Potential Impacts of VR
Commonly abbreviated as VR, Virtual Reality is an interactive computer-generated experience that takes place within a simulated environment or three-dimensional image (Burdea & Coiffet, 2003). The experience is generated by a blend of interactive software and hardware and then presented in a realistic fashion such that the user interacts and accepts the simulated environment as if it were real. The immersive environment can either be real or artificial and is usually produced in 3D modeling software before being fed into the VR system. Current VR technologies utilize multi-projected environments, VR headsets, or a combination of props to generate realistic sounds, images, and sensations that physical presence in a simulated environment (Burdea & Coiffet, 2003). A VR user can not only look around in the simulated world but also move and interact with objects within it. Presently, VR systems are used in gaming, medical, military, aviation, education, entertainment, architecture, and tourism, among other industries.
VR technology exists in three main categories namely fully-immersive, semi-immersive, and non-immersive simulations (Castronovo, Nikolic, Liu, & Messner, 2013, October). Each of these categories represents a distinct level of immersion. As the name implies, fully-immersive simulations provide the highest level of immersion (Meiling & Zhengyong, 2015). A fully-immersive VR system utilizes head-mounted displays and motion detection devices to simulate all senses of the user. As a result, the user is able to get very real experiences that are delivered through increased update rates, a wide field of view, high resolutions, and high levels of contrast. Semi-immersive simulations provide a less immersive experience than fully-immersive systems. These systems resemble and use technologies such as those used in flight simulation where users receive experiences through a high-performance graphical computing system coupled with multiple television systems or large screen projector systems. Non-immersive simulations provide the least immersive experiences. In a typical non-immersive VR simulation, only several of the user’s senses are implemented. This allows for the awareness of peripherals outside the VR simulation. Users of a non-immersive simulation can access the system via a portal or window by utilizing high-resolution monitors powered by a conventional desktop application.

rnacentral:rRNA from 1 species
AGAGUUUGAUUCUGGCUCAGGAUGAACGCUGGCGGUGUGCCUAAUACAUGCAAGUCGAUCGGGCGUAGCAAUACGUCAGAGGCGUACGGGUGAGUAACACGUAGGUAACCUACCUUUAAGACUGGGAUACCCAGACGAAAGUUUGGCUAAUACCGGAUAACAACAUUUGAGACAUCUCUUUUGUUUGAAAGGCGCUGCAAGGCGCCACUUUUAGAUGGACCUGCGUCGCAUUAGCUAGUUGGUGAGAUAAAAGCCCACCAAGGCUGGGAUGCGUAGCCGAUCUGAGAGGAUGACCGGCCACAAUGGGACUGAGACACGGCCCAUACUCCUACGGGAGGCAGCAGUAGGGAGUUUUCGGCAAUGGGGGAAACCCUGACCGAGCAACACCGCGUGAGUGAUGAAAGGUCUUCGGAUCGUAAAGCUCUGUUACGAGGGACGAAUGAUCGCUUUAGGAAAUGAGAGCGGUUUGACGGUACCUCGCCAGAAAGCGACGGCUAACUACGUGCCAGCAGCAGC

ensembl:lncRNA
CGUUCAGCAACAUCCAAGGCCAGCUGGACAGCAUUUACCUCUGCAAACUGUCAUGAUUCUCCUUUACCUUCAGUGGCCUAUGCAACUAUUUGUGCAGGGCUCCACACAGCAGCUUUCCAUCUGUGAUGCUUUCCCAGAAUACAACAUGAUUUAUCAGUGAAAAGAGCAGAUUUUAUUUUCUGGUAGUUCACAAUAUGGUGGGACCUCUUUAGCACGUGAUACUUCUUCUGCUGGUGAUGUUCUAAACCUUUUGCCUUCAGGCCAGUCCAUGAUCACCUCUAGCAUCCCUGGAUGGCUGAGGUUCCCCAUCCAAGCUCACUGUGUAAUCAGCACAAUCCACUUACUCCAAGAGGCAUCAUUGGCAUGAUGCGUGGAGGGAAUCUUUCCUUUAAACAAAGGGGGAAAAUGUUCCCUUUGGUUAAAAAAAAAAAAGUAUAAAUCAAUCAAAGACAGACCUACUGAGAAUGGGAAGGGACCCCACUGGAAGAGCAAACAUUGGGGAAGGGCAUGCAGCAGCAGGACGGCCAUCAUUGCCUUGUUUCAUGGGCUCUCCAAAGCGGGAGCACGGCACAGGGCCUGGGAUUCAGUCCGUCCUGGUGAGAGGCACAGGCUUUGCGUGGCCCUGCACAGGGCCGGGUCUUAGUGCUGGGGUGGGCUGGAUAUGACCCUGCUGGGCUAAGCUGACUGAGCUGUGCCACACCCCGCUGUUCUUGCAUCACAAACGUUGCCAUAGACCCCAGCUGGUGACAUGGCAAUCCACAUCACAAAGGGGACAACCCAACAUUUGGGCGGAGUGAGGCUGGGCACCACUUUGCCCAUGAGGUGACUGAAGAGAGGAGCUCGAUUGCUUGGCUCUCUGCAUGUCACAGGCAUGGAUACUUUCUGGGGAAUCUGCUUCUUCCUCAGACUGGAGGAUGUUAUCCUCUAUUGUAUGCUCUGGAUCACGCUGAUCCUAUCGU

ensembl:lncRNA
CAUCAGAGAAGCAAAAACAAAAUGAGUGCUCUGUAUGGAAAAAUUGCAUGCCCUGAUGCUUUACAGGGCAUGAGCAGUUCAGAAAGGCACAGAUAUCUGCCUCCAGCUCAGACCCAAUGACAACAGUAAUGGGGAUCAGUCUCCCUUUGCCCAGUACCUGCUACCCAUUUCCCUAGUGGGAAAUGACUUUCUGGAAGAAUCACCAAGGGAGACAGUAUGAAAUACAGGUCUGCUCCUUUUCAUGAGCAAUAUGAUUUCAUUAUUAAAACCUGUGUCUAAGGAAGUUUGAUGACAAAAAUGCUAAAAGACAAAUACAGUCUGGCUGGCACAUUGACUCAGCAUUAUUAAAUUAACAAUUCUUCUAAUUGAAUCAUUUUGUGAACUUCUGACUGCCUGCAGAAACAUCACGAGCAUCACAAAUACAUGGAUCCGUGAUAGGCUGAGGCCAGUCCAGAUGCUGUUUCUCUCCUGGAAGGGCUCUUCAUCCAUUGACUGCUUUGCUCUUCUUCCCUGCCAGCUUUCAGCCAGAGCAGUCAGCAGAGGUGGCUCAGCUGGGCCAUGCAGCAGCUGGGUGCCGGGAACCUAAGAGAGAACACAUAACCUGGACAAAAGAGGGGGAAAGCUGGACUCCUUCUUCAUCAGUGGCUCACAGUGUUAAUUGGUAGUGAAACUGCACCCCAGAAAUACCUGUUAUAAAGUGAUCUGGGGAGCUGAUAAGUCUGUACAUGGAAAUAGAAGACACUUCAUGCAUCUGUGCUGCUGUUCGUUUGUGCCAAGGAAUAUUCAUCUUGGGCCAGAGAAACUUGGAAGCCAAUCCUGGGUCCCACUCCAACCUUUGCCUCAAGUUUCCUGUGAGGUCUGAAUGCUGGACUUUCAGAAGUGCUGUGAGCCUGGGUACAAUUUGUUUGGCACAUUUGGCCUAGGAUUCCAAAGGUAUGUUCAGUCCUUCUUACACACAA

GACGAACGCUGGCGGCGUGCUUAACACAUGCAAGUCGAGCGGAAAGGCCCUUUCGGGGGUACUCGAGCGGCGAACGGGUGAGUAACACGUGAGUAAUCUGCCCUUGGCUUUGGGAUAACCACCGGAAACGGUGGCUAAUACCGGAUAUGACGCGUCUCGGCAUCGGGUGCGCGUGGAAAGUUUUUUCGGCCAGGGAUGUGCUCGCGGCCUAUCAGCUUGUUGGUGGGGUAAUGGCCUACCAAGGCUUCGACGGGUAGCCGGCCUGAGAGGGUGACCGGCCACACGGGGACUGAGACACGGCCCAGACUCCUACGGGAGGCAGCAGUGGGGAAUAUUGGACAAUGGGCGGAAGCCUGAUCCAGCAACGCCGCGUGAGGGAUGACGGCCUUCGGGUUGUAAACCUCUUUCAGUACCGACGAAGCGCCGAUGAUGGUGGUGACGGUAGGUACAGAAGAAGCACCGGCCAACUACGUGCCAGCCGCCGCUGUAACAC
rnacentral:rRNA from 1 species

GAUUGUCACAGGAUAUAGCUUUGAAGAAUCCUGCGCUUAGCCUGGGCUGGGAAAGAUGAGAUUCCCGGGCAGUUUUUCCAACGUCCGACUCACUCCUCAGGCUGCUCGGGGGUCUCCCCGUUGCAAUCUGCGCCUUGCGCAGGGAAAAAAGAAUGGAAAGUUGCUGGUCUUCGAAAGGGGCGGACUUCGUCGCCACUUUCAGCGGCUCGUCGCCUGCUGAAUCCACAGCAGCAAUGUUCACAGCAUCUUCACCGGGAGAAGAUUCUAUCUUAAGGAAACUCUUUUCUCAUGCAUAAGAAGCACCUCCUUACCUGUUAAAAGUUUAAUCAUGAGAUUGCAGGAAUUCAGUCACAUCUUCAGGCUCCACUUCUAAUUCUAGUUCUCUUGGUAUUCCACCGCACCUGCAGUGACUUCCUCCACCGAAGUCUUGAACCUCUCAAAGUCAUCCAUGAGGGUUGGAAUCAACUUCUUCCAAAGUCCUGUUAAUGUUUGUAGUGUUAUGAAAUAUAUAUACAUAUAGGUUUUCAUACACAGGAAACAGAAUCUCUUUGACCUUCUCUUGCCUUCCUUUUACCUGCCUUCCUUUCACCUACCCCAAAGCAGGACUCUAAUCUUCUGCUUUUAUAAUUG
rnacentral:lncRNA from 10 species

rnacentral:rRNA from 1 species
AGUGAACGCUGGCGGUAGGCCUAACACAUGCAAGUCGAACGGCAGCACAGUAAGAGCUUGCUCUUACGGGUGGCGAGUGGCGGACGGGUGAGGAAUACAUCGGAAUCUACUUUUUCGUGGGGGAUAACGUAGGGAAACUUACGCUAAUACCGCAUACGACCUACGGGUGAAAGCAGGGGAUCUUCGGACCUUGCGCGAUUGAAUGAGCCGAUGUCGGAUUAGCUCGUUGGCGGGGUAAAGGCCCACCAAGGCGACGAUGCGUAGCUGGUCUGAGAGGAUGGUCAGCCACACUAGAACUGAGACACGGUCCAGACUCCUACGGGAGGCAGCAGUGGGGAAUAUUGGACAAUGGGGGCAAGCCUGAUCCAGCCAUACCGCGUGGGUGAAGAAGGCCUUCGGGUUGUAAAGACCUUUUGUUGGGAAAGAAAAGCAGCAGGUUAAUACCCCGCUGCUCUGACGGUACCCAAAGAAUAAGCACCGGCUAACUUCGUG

Potential Impacts of VR
The ability of VR to simulate environments while allowing interactive, immersive and multistory capabilities makes it a potentially useful technology in many industries. Notably, VR bypasses barriers between computers and humans by allowing users to experience a computer-generated stereoscopic environment (Lipschultz, 2004). For this reason, VR will become a part of daily life and will be utilized in multiple ways like influencing human behavior, cognition, and even interpersonal communication. It may cause migration into the “virtual space,” which would further lead to a myriad of other transitions such as a change in worldview, culture, economics, and socio-political beliefs. Areas that have already experienced changes due to VR include but are not limited to heritage and archeology, fiction books, mass media, motion pictures, television, games, music videos, fine arts, healthcare, marketing, real estates, education, tourism, and aviation, among others.
The potential impact of VR by the year 2015 will be immense. Given that smartphones, computers, “internet of things” devices have already led to a shift in social life, and that every new technology version is openly endorsed by the society, VR technologies may create a new virtual world where people do not need to meet physically in order to interact. Brands such as PlayStation VR, HTC Vive, and Oculus Rift have already demonstrated the practicality of such a world by giving demos and experiences ranging between office simulators, jump-scare horror, and space exploration. This shows that a giant immersive VR experience is possible and inevitable in the near future (Blascovich & Bailenson, 2011). Some technology experts have also developed other minor versions of VR like augmented reality and the mixed reality that allow users to experience simulations and the physical world at the same time (Burdea & Coiffet, 2003). Looking ahead, there seems to be no limit as to where VR will be applied. It may be applied in the military and medicine for training personnel, real estate and business for simulating meetings and 3D tours or even attending celebrity personally.
Evidently, virtual reality has many potential implications for future societies. One of the greatest advantages of VR as a form of emerging technology is the ability to bridge the gap between computing devices and humans. With VR technologies, humans can visualize, manipulate, and interact with information in virtual environments. This capability can be utilized in almost any industry and can be particularly interesting when applied in educational settings where students are curious about exploring practical information and situations or where the real environments pose risks to students and instructors such as anti-terrorism training, firefighting, nuclear decommissioning, aircraft inspection, and crane driving, and so on. Potential risks for the use of VR include high costs, eye strain, dizziness, distortion, and addictiveness. The social impact of addictive virtual environments may be especially dire as some people may prefer the virtual world to the real world.